Last week I wrote an article on Stem toys entitled: "Can a STEM Toy Really Be a Toy? The Flintstone Test". I asked the question because, at least in some cases STEM toys have become a little too much like Flintstone Vitamins; medicine dressed up like candy.
On both social networks and in comments to the article itself, there were voices in support and in disagreement. Those who questioned my asking the question, pushed back on my statement that "A toy, in its very essence, is not designed to produce anything tangible except to provide joy, confidence and fantasy. It is not designed to be productive so much as to entertain."
Al Kaufman wrote: "I'm not in agreement with your assertion that a toy must provide ONLY joy, confidence, and fantasy…STEM toys do all of these things, as well as hopefully nurturing the child's intellectual curiosity.."
Peter Santaw followed with this question: "Where do you stand with Lego, K'nex, Tinker Toys, Lincoln Logs, Erector, Snap Circuits, Little Bits, Chemistry Sets etc.?"
Baby Blues, May 31, 2017, http://www.seattlepi.com/comics-and-games/fun/Baby_Blues/
Thanks to all of you who commented. You made me think, which was what I had hoped would happen, and here is my response:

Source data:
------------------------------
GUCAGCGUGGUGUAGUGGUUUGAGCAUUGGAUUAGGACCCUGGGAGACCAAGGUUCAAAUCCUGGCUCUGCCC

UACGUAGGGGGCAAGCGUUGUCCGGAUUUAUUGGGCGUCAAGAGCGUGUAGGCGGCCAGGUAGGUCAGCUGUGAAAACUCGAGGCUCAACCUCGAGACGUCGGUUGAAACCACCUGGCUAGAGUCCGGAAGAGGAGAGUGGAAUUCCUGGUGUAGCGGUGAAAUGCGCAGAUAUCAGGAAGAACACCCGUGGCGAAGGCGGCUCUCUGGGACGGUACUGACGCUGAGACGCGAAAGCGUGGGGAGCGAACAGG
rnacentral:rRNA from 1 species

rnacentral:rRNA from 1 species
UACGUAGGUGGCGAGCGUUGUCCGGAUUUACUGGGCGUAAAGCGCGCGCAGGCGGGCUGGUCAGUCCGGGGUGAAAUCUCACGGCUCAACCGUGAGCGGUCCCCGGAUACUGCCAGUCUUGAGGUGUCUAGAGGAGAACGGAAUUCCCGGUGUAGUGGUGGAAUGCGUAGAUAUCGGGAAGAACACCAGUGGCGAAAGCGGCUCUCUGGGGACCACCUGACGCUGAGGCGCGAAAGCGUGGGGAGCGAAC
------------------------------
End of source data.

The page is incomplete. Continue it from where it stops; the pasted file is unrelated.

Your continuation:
All toys are educational
All toys, whether with intention or not, are and always have been educational. Stacking blocks or rolling a ball educates a child about physics. Playing double dutch jump rope can enhance coordination, socialization and communitarian skills. Playing a board game can teach the importance of following the rules and the stigma that attaches itself to cheating.
How are STEM toys different?
Therefore, I agree with Peter Santaw that the toys he mentions are educational. Yet, I don't think we would call most of them STEM toys. So what is the difference between all toys and STEM toys. My answer is that a STEM toy self-designates itself as didactic. In doing so, it markets itself as a form of mental medicine. It calls to the parent or educator more than the child.
I think we have become, as a society, much too serious about childhood. Schools now have little or no recess and children are loaded down with far too many organized, adult supervised after-school activities. Consciously disguising educational products as toys is just part of that continuum.
Children today have little time to enjoy one of the greatest aspects of childhood, free and open play. When we disguise education as play aren't we are just giving them more work to do?
So, I say lets's not be so serious. Children need time to be children. The joy, the pure joy, that comes with free time gets more constrained the older we get.
STEM's appropriate place
STEM toys are well meant and certainly have an appropriate place…in the classroom or, if need be,
as a form of homework. If, however, if the intent of the the toy is to simply be a toy and therefore education occurs without self-conscious intent, then by all means they belong in the toy department, right along with Lego, K'nex, Little Bits and chemistry sets.
Let's make toys that are all about joy. If a child learns in the process, well that's wonderful.